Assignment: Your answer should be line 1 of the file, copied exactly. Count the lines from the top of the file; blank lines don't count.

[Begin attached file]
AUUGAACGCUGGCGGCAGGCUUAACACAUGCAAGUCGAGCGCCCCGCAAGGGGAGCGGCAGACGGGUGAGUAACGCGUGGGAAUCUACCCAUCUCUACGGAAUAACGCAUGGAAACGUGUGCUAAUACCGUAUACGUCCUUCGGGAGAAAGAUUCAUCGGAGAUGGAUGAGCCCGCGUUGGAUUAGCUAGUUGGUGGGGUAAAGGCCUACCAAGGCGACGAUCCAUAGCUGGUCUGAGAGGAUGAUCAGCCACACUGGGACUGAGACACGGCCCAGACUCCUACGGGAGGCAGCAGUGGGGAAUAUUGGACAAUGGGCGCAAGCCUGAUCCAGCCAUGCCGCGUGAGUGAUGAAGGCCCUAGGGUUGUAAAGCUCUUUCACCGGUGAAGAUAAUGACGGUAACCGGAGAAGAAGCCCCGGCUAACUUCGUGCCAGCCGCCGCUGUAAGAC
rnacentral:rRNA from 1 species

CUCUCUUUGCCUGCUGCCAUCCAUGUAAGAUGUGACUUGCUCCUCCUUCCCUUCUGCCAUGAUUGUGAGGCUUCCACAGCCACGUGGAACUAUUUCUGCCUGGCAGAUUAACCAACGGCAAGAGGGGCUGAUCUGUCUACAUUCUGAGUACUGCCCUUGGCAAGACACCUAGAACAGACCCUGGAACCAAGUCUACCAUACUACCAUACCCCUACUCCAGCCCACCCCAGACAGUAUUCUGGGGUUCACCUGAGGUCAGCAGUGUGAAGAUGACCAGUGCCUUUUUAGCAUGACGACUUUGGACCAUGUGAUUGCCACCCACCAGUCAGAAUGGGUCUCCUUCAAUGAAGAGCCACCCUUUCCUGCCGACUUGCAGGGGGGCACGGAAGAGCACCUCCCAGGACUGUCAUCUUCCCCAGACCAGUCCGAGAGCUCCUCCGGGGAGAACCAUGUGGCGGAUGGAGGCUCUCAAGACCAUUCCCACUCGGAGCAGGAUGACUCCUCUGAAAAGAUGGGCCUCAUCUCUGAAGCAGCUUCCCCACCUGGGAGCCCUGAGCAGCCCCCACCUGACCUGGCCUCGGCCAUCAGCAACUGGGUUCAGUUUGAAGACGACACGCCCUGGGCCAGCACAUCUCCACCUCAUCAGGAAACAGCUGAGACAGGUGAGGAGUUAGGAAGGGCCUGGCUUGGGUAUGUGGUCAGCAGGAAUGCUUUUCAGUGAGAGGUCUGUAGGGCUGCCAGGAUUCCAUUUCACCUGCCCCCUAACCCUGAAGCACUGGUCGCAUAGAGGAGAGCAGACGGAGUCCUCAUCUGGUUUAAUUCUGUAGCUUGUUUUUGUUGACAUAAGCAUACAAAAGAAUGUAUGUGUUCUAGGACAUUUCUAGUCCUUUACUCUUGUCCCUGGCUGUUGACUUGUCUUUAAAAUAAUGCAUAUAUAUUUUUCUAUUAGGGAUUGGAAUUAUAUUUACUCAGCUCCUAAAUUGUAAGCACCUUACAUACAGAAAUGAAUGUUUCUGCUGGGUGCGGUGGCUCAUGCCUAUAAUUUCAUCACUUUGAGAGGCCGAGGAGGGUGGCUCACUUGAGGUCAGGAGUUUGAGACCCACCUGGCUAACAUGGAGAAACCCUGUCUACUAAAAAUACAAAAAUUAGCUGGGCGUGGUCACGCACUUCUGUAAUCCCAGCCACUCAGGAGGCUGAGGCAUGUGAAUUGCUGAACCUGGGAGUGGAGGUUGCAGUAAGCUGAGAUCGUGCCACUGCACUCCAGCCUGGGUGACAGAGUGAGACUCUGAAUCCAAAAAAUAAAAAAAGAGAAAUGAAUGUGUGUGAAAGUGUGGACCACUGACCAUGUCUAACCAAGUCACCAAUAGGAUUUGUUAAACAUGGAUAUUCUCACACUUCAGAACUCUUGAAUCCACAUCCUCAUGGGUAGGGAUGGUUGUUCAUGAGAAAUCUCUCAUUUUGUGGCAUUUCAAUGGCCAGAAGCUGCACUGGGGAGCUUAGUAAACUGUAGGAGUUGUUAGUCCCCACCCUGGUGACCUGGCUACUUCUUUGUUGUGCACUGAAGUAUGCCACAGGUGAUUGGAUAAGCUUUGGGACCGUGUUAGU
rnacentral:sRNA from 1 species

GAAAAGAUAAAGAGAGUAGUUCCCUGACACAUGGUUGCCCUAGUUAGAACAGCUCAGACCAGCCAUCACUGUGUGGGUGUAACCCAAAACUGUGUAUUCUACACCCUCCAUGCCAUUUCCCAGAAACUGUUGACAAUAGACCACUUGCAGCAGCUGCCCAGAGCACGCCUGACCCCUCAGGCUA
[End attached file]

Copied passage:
AUUGAACGCUGGCGGCAGGCUUAACACAUGCAAGUCGAGCGCCCCGCAAGGGGAGCGGCAGACGGGUGAGUAACGCGUGGGAAUCUACCCAUCUCUACGGAAUAACGCAUGGAAACGUGUGCUAAUACCGUAUACGUCCUUCGGGAGAAAGAUUCAUCGGAGAUGGAUGAGCCCGCGUUGGAUUAGCUAGUUGGUGGGGUAAAGGCCUACCAAGGCGACGAUCCAUAGCUGGUCUGAGAGGAUGAUCAGCCACACUGGGACUGAGACACGGCCCAGACUCCUACGGGAGGCAGCAGUGGGGAAUAUUGGACAAUGGGCGCAAGCCUGAUCCAGCCAUGCCGCGUGAGUGAUGAAGGCCCUAGGGUUGUAAAGCUCUUUCACCGGUGAAGAUAAUGACGGUAACCGGAGAAGAAGCCCCGGCUAACUUCGUGCCAGCCGCCGCUGUAAGAC